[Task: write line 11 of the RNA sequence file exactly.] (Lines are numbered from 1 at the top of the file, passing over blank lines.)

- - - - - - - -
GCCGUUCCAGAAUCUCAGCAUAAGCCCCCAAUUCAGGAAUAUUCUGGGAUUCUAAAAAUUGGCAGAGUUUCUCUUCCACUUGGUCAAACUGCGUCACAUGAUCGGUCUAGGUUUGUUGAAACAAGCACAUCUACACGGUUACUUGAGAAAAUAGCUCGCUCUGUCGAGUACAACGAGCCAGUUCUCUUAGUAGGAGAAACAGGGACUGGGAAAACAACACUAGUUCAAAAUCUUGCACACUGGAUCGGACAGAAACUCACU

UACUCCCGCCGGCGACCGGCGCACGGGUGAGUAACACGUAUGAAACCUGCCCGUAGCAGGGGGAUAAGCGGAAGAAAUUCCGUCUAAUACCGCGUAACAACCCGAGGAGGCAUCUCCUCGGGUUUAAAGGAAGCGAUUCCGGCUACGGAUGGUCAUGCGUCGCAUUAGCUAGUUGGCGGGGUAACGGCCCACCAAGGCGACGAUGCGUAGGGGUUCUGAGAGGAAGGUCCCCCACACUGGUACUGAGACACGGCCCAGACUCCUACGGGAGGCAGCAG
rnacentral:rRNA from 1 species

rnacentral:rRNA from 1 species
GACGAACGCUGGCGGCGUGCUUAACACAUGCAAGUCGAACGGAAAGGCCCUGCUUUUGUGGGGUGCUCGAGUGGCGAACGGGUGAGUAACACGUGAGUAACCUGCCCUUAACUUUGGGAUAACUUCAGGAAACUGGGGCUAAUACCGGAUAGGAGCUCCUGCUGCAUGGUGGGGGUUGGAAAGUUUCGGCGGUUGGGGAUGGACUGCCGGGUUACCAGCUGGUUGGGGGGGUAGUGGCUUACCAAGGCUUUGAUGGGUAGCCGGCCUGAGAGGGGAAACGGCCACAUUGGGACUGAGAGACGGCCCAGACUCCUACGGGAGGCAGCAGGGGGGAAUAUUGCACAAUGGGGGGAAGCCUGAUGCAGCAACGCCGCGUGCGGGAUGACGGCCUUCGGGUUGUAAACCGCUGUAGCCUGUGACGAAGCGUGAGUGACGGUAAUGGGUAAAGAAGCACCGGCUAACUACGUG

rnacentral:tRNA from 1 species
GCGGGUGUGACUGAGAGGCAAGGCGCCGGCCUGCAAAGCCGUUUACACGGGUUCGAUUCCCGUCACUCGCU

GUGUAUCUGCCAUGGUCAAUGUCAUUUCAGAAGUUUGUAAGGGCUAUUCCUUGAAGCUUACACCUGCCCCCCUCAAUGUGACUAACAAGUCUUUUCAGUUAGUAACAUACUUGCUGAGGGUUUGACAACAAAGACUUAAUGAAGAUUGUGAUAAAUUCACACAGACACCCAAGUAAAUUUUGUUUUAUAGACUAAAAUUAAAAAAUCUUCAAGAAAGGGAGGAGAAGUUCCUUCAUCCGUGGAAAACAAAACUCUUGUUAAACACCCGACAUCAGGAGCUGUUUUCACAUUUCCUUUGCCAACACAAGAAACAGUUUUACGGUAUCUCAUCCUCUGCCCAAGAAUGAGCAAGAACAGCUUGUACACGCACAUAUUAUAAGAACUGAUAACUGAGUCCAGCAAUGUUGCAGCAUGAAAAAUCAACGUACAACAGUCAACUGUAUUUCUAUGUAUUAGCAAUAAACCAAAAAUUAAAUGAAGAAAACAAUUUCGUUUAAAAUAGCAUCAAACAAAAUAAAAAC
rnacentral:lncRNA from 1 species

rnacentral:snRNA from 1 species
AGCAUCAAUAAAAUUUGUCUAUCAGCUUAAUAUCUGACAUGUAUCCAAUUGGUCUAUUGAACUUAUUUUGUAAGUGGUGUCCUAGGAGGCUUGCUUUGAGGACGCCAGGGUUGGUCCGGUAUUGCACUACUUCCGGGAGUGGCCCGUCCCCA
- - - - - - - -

AGCAUCAAUAAAAUUUGUCUAUCAGCUUAAUAUCUGACAUGUAUCCAAUUGGUCUAUUGAACUUAUUUUGUAAGUGGUGUCCUAGGAGGCUUGCUUUGAGGACGCCAGGGUUGGUCCGGUAUUGCACUACUUCCGGGAGUGGCCCGUCCCCA